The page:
The unnamed elderly narrator of King’s latest novel responds more warmly to animals than to people. Trying to cope with losing his peripheral sight following a stroke, he sees visions of his dead cat Smoky and remembers his tender care for her. Fifty years earlier, in Japan, he lavished similar affection on a rescued puppy. Somehow his feelings for people close to him – his wife Laura, his sons, his faithful assistant Miss Morita – seem more awkward and ill-expressed. Now, as he lies in a London hospital, his time as a research student in Sixties Kyoto rises in his memory, prompted in Proustian fashion by his favourite scent, ‘Pour Un Homme’, which Laura has brought to his bedside. At last he is granted the opportunity to re-evaluate the traumatic events of that hot summer long ago.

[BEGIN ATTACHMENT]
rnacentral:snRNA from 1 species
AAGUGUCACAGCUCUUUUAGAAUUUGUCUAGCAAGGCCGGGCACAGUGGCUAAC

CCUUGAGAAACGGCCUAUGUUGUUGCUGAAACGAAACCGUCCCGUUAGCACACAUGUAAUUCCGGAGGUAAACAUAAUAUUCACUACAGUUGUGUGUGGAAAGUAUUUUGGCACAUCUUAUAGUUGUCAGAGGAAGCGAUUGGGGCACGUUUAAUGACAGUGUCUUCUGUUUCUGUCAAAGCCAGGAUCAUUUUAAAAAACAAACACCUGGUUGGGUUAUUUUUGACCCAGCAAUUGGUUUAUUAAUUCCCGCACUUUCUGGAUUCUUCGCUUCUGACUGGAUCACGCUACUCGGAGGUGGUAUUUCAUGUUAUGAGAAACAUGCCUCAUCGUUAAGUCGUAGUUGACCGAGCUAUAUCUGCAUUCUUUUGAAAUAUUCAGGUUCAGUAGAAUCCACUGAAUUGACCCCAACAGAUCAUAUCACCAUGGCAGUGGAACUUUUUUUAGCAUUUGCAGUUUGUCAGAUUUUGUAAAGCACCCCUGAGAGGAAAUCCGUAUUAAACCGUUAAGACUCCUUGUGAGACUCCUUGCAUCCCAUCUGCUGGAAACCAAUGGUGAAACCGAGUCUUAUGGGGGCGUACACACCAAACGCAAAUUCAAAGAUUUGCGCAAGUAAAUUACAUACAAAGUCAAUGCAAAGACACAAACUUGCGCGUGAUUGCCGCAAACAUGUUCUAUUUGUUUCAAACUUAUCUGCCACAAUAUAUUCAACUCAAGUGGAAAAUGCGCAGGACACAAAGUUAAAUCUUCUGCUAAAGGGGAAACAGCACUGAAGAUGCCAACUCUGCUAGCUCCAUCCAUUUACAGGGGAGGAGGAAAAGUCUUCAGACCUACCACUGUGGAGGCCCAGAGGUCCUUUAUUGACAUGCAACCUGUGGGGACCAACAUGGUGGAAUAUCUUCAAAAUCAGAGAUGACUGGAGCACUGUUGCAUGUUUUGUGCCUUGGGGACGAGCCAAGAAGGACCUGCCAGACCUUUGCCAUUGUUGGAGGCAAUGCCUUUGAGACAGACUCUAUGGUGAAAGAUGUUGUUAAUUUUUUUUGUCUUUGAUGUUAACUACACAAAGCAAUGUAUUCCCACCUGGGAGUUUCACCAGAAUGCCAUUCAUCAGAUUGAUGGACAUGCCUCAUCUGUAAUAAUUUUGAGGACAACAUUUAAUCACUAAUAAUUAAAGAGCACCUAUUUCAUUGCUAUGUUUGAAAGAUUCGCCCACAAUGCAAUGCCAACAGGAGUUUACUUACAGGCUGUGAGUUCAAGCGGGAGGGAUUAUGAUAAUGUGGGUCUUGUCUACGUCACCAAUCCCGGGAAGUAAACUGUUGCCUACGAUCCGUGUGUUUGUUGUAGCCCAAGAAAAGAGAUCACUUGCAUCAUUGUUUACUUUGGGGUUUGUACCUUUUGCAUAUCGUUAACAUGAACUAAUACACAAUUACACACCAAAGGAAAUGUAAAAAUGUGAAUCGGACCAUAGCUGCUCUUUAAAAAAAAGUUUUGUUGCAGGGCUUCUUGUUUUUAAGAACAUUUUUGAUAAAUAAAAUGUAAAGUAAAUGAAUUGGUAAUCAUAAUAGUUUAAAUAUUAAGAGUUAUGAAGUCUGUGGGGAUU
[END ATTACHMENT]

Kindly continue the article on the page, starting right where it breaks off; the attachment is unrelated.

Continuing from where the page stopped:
In With My Little Eye Francis King, now in his eighty-fifth year, revisits themes from his fictional heartland – the interaction of races and cultures, the problems facing expatriates – in this case drawing on his own experiences working for the British Council in Japan. Like his protagonist, King was